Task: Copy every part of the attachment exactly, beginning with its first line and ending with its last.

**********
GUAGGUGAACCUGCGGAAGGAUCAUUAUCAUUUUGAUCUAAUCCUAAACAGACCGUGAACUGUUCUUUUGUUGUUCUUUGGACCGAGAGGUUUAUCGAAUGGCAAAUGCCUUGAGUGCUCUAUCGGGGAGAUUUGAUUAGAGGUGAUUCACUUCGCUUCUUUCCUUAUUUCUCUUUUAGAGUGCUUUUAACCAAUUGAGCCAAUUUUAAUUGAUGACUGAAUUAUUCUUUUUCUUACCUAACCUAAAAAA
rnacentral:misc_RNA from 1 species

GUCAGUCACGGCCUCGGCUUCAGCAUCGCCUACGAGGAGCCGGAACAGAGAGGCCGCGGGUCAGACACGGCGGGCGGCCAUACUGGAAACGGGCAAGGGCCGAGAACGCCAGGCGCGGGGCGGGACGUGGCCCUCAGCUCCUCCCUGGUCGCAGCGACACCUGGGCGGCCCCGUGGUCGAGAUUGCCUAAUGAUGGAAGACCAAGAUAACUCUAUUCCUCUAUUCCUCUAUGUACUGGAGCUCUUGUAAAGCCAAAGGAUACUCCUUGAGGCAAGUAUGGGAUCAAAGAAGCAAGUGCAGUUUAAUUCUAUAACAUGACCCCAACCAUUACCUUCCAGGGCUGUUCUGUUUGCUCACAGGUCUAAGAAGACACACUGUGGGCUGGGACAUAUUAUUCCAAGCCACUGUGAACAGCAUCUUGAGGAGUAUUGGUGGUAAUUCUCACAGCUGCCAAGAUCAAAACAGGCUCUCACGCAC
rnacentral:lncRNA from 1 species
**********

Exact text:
GUAGGUGAACCUGCGGAAGGAUCAUUAUCAUUUUGAUCUAAUCCUAAACAGACCGUGAACUGUUCUUUUGUUGUUCUUUGGACCGAGAGGUUUAUCGAAUGGCAAAUGCCUUGAGUGCUCUAUCGGGGAGAUUUGAUUAGAGGUGAUUCACUUCGCUUCUUUCCUUAUUUCUCUUUUAGAGUGCUUUUAACCAAUUGAGCCAAUUUUAAUUGAUGACUGAAUUAUUCUUUUUCUUACCUAACCUAAAAAA
rnacentral:misc_RNA from 1 species

GUCAGUCACGGCCUCGGCUUCAGCAUCGCCUACGAGGAGCCGGAACAGAGAGGCCGCGGGUCAGACACGGCGGGCGGCCAUACUGGAAACGGGCAAGGGCCGAGAACGCCAGGCGCGGGGCGGGACGUGGCCCUCAGCUCCUCCCUGGUCGCAGCGACACCUGGGCGGCCCCGUGGUCGAGAUUGCCUAAUGAUGGAAGACCAAGAUAACUCUAUUCCUCUAUUCCUCUAUGUACUGGAGCUCUUGUAAAGCCAAAGGAUACUCCUUGAGGCAAGUAUGGGAUCAAAGAAGCAAGUGCAGUUUAAUUCUAUAACAUGACCCCAACCAUUACCUUCCAGGGCUGUUCUGUUUGCUCACAGGUCUAAGAAGACACACUGUGGGCUGGGACAUAUUAUUCCAAGCCACUGUGAACAGCAUCUUGAGGAGUAUUGGUGGUAAUUCUCACAGCUGCCAAGAUCAAAACAGGCUCUCACGCAC
rnacentral:lncRNA from 1 species